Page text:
As chaplains we probably take our role as listeners for granted.  After all it is central to what all people centred professionals do? Yet arguably, in chaplaincy, active listening is the most important skill we possess and the greatest gift we can offer to those we encounter in our role.  We are not counsellors or therapists (although many of us may have those qualifications) but we are, our should be, skilled in active listening.

‘Active listening is a communication skill that involves hearing, evaluating and responding to what is heard’. (Hargie et al. 1994)

When we listen, we are not passive, we are entering into the mindset and heart set of someone else. We are hearing a range of emotions from grief or sadness to anger and frustration.  We are meeting people in the place where they find themselves. We are acknowledging their emotions and accepting their stories. We are letting them know that they are understood.  Sometimes our active listening can lead to visible growth and discernment in the other person but just as often the benefits are not discernible, but what matters is that we have been fully present for the other person.  Growth, if at all will happen in their time and not in ours.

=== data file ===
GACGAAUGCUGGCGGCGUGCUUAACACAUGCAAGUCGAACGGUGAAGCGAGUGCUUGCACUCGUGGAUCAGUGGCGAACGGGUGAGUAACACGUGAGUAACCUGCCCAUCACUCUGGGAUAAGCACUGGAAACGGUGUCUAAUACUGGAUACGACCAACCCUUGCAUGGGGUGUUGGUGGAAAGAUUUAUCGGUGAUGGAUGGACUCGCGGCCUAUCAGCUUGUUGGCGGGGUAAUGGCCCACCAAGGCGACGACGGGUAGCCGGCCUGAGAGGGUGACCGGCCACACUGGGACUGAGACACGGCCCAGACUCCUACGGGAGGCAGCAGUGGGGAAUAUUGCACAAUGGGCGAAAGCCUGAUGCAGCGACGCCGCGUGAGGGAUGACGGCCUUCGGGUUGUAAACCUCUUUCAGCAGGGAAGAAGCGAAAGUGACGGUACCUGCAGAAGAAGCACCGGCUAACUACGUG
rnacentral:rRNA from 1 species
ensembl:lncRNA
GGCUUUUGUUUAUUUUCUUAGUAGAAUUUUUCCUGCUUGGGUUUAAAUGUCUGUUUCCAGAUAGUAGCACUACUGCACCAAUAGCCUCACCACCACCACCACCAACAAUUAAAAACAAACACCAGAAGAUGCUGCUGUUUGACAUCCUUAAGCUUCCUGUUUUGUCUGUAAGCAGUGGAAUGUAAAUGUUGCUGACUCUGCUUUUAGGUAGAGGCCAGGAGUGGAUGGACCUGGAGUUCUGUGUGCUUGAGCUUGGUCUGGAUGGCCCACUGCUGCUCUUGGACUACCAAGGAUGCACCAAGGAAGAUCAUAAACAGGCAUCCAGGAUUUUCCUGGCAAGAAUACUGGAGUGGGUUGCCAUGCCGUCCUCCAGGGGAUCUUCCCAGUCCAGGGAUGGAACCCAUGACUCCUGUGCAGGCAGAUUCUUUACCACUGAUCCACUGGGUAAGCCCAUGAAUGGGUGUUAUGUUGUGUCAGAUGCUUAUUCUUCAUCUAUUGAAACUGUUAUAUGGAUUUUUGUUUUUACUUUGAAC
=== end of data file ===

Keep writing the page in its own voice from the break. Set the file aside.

‘People start to heal the moment they feel heard’ (Cheryl Richardson Sanvello)
We know from our own experience that when we are listened to our wellbeing is enhanced, we feel empowered and believe that we have choices.  This is borne out by a recent piece of research carried out by the University of Leeds on the importance of listening in NHS hospitals which showed that current care models do not allow enough time or recognition for listening encounters with patients. The outcome of research showed that; ‘The transformational power attributed to listening encounters was unanimous within all participants and groups’ (Active Listening by Hospital Chaplaincy Volunteers. A Manzano. 2015) The benefits of active listening can of course be applied to all chaplaincy setting and chaplaincy encounters.  

As religious chaplains, there is a distinctive dimension to our listening role.
‘For when two or three come together in my name, there am I with them’ (Matthew 18:20) Regardless of whether we are in a religious encounter in our chaplaincy role, we are conduits for God’s presence. This is what roots us as chaplains.  It is also what sustains us and reminds us that we too need to listen for the ‘still small voice’ (1 Kings 19:12) it is very important that we are aware of our reactions to what we hear in our chaplaincy encounters, that we are supported through colleagues and supervision and our spiritual lives. In order to be able to hear others we too need to be heard.